by Sarah Dessen
Publisher: Viking Juvenile
Page Amount: 432, US Hardback
Sarah Dessen is the queen of Young Adult Contemporary novels. She has written 12 books so far and each one is better than those preceding it. Saint Anything is by far my favorite Sarah Dessen book. This book has a depth to it while still maintaining a light mood. Dealing with the repercussions of Sydney's older brother, Peyton, being in prison from alcohol abuse, Sydney has to figure out how to move past the guilt that she feels. To do this, Sydney changes schools and makes new friends. She finally has a new beginning. The plot of Saint Anything is very intriguing. There are many aspects to the plot which ensures that no page is dull. Not only are there issues of substance abuse, but also family drama, illness, guilt, friendships, unhealthy relationships, love, and last but not least: food. Sydney is faced with so many hardships during these 400 pages, but continues to focus on the good things of life. This book is extremely heartfelt and interesting. Although I was not able to relate entirely to Sydney's position, I think we all can relate to Sydney's feeling of being invisible. No matter if you're a super popular person or a nerd sitting at home reviewing books, I'm sure everyone has felt invisible if even for just a moment. This books perfectly captures that feeling and provides hope.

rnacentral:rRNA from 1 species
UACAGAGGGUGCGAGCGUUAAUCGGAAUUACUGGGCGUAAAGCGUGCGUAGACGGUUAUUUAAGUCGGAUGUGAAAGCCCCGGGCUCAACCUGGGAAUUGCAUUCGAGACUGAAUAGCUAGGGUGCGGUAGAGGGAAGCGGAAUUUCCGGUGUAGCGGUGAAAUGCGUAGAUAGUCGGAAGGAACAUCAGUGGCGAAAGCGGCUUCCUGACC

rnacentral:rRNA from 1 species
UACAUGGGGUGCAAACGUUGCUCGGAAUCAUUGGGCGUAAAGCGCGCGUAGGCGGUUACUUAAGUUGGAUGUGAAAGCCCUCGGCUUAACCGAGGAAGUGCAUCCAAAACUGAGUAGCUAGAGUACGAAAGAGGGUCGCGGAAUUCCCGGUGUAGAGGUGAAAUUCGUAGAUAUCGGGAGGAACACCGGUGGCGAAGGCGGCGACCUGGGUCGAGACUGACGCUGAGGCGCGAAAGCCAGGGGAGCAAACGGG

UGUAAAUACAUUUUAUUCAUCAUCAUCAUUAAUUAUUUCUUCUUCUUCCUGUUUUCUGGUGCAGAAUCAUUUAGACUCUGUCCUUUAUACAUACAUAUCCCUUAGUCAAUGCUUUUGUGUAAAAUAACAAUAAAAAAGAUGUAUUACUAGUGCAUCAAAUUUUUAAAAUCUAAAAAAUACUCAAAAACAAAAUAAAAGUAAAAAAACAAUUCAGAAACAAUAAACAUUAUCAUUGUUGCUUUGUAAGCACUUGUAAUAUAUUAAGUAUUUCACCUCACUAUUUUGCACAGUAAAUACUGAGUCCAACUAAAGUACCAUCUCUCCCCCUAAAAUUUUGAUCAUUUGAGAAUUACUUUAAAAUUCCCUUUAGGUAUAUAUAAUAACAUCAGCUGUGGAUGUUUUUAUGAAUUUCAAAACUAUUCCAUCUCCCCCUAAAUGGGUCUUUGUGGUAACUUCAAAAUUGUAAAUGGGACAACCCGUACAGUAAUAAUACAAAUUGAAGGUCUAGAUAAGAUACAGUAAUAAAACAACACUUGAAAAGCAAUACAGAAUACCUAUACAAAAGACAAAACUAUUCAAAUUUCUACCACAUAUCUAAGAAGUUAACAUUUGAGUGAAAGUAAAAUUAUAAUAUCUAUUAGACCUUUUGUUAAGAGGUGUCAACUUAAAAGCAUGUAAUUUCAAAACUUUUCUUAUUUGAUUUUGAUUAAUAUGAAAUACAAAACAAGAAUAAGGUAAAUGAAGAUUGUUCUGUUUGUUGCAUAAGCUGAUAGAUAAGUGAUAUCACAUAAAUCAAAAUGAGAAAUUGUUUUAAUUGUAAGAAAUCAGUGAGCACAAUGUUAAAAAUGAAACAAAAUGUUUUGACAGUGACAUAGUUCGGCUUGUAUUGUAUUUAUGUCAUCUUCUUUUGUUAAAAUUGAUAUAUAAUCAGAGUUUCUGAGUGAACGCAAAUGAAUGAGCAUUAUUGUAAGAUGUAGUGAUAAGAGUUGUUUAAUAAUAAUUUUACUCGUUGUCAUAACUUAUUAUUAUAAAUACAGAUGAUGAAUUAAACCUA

The characters in this book are amazing. Sydney, in all honesty, is a pretty bland character on her own. She doesn't have a dynamic personality and stays hidden in her brother's shadow. However, this was intentional. Once Sydney meets the Chathams, she begins to open up and have some fun. As a reader, I was able to see Sydney grow and become who she was supposed to be: a good daughter as well as an amazing friend. Her new friend, Layla, was another driving character of this book. She is bubbly and is a connoisseur of food and relationships. Her brother, Mac, is always there. He is a loyal companion and also a brainiac. He wasn't as dynamic of a character as Dessen's boys typically are, but I believe his character was perfect for this book and for Sydney. His relationship with Sydney was not at all the focal point of this novel. On the contrary, there is barely any romance in this book. However, the few romantic scenes that were included were so simple and so eloquent that they still made me swoon. It was also very interesting to see the stark differences between Sydney's parents and the Chatham's. Sydney's mom annoyed me to no end because she wanted to control everything both of her children did and did not take time to realize that Sydney is not her brother Peyton. I personally know a mother like this and that was probably why I had such a emotional response to this character. I am glad that Dessen included a character like her though because there are sadly a lot of parents who are very controlling, which is difficult for a teenager to handle. All in all, each and every character blew me away. Even the smallest of the small secondary characters had a distinct personality and an intricate backstory.